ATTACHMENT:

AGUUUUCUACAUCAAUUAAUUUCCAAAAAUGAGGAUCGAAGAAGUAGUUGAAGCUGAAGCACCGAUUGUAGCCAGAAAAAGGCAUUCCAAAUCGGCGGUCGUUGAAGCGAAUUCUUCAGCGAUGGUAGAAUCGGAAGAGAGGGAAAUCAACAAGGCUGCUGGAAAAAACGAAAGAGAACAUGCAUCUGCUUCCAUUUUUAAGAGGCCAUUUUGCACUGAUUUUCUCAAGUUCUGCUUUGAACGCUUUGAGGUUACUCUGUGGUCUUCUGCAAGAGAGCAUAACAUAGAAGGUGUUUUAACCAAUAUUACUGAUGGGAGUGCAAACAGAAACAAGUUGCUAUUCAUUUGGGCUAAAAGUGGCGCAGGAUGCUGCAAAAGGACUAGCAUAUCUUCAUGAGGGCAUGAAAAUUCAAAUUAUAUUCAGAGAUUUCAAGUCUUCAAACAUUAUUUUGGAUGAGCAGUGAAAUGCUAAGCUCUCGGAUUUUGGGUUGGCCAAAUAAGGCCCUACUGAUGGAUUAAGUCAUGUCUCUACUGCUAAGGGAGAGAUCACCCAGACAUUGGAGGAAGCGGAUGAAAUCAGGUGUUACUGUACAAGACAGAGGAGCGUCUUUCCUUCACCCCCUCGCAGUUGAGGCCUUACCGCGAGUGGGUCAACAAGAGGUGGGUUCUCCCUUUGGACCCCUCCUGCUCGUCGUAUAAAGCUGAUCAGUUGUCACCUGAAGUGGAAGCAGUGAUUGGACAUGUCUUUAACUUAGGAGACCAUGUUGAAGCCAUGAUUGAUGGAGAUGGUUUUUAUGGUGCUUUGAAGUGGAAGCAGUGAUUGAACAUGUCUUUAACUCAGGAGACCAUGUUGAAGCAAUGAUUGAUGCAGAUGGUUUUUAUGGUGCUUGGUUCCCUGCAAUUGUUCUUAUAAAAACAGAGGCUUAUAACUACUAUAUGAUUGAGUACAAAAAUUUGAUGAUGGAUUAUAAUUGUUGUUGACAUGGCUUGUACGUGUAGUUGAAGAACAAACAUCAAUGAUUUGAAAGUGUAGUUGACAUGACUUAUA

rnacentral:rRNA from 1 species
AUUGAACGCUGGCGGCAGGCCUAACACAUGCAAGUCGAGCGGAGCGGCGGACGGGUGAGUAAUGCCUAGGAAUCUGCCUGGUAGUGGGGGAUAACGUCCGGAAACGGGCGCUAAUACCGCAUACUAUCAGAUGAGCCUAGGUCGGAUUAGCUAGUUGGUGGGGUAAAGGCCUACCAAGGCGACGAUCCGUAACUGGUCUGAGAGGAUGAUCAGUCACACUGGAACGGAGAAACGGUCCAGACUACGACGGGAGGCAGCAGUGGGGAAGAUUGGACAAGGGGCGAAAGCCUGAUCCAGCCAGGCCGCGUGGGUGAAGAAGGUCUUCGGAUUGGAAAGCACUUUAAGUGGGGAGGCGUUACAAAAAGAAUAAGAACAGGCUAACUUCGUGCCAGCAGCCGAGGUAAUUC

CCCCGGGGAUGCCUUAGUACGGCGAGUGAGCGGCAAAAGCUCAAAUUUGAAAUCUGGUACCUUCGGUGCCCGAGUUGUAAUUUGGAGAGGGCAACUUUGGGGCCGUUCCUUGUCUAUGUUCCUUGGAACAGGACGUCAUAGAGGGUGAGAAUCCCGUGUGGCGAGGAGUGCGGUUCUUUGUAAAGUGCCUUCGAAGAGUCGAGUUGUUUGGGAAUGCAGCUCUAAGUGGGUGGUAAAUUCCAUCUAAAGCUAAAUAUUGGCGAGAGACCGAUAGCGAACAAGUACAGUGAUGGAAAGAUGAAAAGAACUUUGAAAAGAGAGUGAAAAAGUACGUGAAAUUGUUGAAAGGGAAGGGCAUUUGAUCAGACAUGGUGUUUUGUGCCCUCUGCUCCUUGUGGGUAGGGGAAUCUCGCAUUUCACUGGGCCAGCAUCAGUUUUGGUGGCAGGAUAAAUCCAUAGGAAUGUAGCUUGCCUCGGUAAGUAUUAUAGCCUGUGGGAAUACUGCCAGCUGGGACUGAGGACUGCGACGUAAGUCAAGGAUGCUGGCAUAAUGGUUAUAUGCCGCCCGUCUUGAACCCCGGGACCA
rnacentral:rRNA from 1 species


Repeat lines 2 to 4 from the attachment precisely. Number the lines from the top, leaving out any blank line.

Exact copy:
rnacentral:rRNA from 1 species
AUUGAACGCUGGCGGCAGGCCUAACACAUGCAAGUCGAGCGGAGCGGCGGACGGGUGAGUAAUGCCUAGGAAUCUGCCUGGUAGUGGGGGAUAACGUCCGGAAACGGGCGCUAAUACCGCAUACUAUCAGAUGAGCCUAGGUCGGAUUAGCUAGUUGGUGGGGUAAAGGCCUACCAAGGCGACGAUCCGUAACUGGUCUGAGAGGAUGAUCAGUCACACUGGAACGGAGAAACGGUCCAGACUACGACGGGAGGCAGCAGUGGGGAAGAUUGGACAAGGGGCGAAAGCCUGAUCCAGCCAGGCCGCGUGGGUGAAGAAGGUCUUCGGAUUGGAAAGCACUUUAAGUGGGGAGGCGUUACAAAAAGAAUAAGAACAGGCUAACUUCGUGCCAGCAGCCGAGGUAAUUC

CCCCGGGGAUGCCUUAGUACGGCGAGUGAGCGGCAAAAGCUCAAAUUUGAAAUCUGGUACCUUCGGUGCCCGAGUUGUAAUUUGGAGAGGGCAACUUUGGGGCCGUUCCUUGUCUAUGUUCCUUGGAACAGGACGUCAUAGAGGGUGAGAAUCCCGUGUGGCGAGGAGUGCGGUUCUUUGUAAAGUGCCUUCGAAGAGUCGAGUUGUUUGGGAAUGCAGCUCUAAGUGGGUGGUAAAUUCCAUCUAAAGCUAAAUAUUGGCGAGAGACCGAUAGCGAACAAGUACAGUGAUGGAAAGAUGAAAAGAACUUUGAAAAGAGAGUGAAAAAGUACGUGAAAUUGUUGAAAGGGAAGGGCAUUUGAUCAGACAUGGUGUUUUGUGCCCUCUGCUCCUUGUGGGUAGGGGAAUCUCGCAUUUCACUGGGCCAGCAUCAGUUUUGGUGGCAGGAUAAAUCCAUAGGAAUGUAGCUUGCCUCGGUAAGUAUUAUAGCCUGUGGGAAUACUGCCAGCUGGGACUGAGGACUGCGACGUAAGUCAAGGAUGCUGGCAUAAUGGUUAUAUGCCGCCCGUCUUGAACCCCGGGACCA